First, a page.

Lesson #1: To run fast, distance runners must first spend a lot of time running slow. Above all else, its the volume of training that induces the biological signal for adaptation and dictates the performance capacity. To accomplish a large training volume, runners must perform most of their running at a relatively slow pace. Aerobic running increases number of red blood cells & hemoglobin, giving blood vessels greater oxygen- carrying capability; increases muscle capillary volume, providing more oxygen to muscles; & increases mitochondrial volume & number of aerobic enzymes, allowing for greater use of oxygen.
Lesson #2: Lactate threshold and running economy are more important than VO 2 max. A high VO 2 max alone is not enough to attain elite-level performances; it simply gains one access into the club, since a runner cannot attain a high level of performance without a high VO 2 max. While athletes can improve their VO 2 max, it is largely genetically determined. The other two major physiological players of distance running performancelactate threshold (LT) and running economy (RE)exert a greater influence on a runners performance and are more responsive to training.
Lactate Threshold Slowest speed at which aerobic metabolism (Krebs cycle & electron transport chain) cant keep up with production of pyruvate from glycolysis. Fastest speed above which lactate production begins to exceed its removal, with blood lactate concentration beginning to increase exponentially. Represents transition between running that is almost purely aerobic & running that includes significant oxygen-independent (anaerobic) metabolism. Represents fastest speed that can be sustained aerobically. Best physiological predictor of distance running performance.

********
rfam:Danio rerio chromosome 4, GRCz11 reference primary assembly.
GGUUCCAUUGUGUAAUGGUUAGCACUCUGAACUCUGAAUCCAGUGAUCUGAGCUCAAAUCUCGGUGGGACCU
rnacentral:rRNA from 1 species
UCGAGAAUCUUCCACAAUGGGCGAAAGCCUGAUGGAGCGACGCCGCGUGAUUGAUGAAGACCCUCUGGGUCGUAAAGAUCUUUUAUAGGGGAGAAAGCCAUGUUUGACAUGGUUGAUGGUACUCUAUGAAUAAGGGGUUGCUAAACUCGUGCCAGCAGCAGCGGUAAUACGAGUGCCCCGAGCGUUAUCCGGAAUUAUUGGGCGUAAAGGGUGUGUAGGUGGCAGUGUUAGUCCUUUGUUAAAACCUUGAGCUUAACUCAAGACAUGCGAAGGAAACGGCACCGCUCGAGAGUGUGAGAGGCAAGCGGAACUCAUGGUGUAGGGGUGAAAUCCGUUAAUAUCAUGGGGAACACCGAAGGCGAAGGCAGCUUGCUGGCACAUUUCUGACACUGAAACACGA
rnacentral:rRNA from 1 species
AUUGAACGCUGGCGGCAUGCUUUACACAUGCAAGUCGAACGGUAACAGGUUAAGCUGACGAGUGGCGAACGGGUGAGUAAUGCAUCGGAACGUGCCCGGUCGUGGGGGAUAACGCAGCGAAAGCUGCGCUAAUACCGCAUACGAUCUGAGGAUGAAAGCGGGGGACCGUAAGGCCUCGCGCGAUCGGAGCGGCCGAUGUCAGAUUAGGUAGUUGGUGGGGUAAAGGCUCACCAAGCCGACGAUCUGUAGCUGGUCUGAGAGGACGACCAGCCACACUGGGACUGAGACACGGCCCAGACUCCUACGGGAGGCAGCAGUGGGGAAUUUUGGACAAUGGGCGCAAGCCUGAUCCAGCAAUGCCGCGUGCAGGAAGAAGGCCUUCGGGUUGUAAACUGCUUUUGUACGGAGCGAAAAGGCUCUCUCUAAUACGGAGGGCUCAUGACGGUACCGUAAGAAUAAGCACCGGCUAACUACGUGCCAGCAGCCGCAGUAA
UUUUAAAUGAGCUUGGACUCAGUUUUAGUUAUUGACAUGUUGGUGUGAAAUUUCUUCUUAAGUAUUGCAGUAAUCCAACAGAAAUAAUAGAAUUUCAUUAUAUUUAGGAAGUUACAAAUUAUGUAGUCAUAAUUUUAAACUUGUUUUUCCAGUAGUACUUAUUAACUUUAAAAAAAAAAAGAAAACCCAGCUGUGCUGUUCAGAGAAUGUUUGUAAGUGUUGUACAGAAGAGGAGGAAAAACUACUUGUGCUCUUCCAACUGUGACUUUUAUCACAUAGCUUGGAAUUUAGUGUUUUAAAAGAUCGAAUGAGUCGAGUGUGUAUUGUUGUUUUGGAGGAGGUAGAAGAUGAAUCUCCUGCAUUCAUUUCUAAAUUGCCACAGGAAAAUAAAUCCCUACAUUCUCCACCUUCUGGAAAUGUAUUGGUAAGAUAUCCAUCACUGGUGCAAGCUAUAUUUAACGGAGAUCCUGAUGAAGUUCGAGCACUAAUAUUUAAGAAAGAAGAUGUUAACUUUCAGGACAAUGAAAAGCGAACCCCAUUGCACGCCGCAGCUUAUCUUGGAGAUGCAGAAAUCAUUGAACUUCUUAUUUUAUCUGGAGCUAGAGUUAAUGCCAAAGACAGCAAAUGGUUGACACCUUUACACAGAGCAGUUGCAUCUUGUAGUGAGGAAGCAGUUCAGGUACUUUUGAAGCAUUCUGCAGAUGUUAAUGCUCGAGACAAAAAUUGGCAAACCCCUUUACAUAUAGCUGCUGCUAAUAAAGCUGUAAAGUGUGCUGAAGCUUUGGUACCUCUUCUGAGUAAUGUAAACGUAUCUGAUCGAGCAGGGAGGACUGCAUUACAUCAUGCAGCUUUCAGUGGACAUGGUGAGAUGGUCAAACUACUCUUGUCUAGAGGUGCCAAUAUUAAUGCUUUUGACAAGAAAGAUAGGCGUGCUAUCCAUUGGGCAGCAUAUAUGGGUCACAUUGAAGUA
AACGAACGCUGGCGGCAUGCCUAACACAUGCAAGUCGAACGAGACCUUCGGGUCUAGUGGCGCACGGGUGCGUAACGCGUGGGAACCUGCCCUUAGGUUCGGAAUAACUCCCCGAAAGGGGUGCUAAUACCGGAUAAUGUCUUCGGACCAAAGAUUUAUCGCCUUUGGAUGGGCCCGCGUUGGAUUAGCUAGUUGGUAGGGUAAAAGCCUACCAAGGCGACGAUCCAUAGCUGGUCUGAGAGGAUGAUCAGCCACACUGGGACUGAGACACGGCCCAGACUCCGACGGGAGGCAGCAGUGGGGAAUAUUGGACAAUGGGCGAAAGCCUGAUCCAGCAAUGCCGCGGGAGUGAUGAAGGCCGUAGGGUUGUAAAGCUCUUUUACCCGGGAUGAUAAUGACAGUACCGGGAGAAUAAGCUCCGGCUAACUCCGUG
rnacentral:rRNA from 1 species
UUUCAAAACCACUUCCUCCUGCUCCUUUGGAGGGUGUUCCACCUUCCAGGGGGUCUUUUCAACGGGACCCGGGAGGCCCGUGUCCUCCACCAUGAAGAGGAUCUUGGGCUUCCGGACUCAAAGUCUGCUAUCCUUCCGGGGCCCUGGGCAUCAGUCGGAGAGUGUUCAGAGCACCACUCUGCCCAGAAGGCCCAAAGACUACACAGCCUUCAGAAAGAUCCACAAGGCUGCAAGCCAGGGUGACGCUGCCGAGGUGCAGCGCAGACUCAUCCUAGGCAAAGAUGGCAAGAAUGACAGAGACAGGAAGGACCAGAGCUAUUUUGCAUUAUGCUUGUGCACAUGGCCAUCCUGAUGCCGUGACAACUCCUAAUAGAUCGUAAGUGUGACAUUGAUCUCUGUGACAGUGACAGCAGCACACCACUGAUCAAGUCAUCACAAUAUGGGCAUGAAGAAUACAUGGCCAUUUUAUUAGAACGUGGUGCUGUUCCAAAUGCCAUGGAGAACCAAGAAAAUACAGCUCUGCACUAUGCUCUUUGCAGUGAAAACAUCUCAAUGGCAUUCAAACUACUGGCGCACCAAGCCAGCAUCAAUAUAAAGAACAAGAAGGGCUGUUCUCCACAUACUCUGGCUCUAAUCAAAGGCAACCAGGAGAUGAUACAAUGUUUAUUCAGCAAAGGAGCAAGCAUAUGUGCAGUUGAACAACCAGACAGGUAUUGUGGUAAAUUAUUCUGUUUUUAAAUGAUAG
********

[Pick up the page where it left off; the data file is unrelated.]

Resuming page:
LT Pace Slower, recreational runners: ~ 10-15 sec/mile slower than 5K race pace (or ~ 10K race pace) ~ 75-80% max HR (~ 65-70% VO 2 max) Highly trained/elite: ~ 25-30 sec/mile slower than 5K race pace (or ~ 15-20 sec/mile slower than 10K race pace) ~ 90% max HR (~ 85-90% VO 2 max) Subjectively feel comfortably hard
Types of LT Workouts Continuous LT Runs 3-4 miles up to 7-8 miles for marathoners LT Intervals intervals @ LT pace with short rest periods 4 x 1 mile @ LT pace w/ 1 min rest LT+ Intervals short intervals @ slightly faster than LT pace with very short rest periods 2 sets of 4 x 1,000 meters @ 10 sec/mile faster than LT pace w/ 45 sec rest & 2 min rest between sets LT/LSD Combo Run (for marathoners) Long continuous runs with portion @ LT pace 12-16 miles w/ last 2-4 miles @ LT pace 2 miles + 3 miles @ LT pace + 6 miles + 3 miles @ LT pace
Running Economy In 1930, David Dill & his colleagues at the Harvard Fatigue Laboratory were among the first physiologists to suggest that there are marked differences in the amount of O 2 different people use when running at the same speeds, and that these differences in economy of O 2 use is a major factor explaining differences in endurance performance.
Running Economy If two people have same VO 2 max, but Jack uses 70% & Martin uses 80% of that VO 2 max while running at 7:00 pace, the run feels easier for Jack because Jack is more economical. Therefore, Jack can run at faster speed before feeling same amount of fatigue as Martin. Running economy is the oxygen consumption (VO 2 ) used to maintain a specific running speed.
Running Economy High mileage (>70 miles per week) seems to improve running economy. optimized biomechanics hypertrophy of Type I skeletal muscle fibers greater skeletal muscle mitochondrial & capillary volumes greater ability for tendons to store & utilize elastic energy lower body mass optimized motor unit recruitment patterns gained from countless repetitions of running movements Heavy strength training & plyometrics improve economy, possibly by neural mechanism.
Lesson #3: There are different muscle fiber types, which reflect a runners strengths and weaknesses. Slow-TwitchFast-Twitch AFast-Twitch B Contraction timeSlowFastVery Fast Size of motor neuronSmallLargeVery Large Resistance to fatigueHighIntermediateLow ActivityAerobicLong-term AnaerobicShort-term Anaerobic Force productionLowHighVery High Mitochondrial densityHigh Low Capillary densityHighIntermediateLow Oxidative capacityHigh Low Glycolytic capacityLowHigh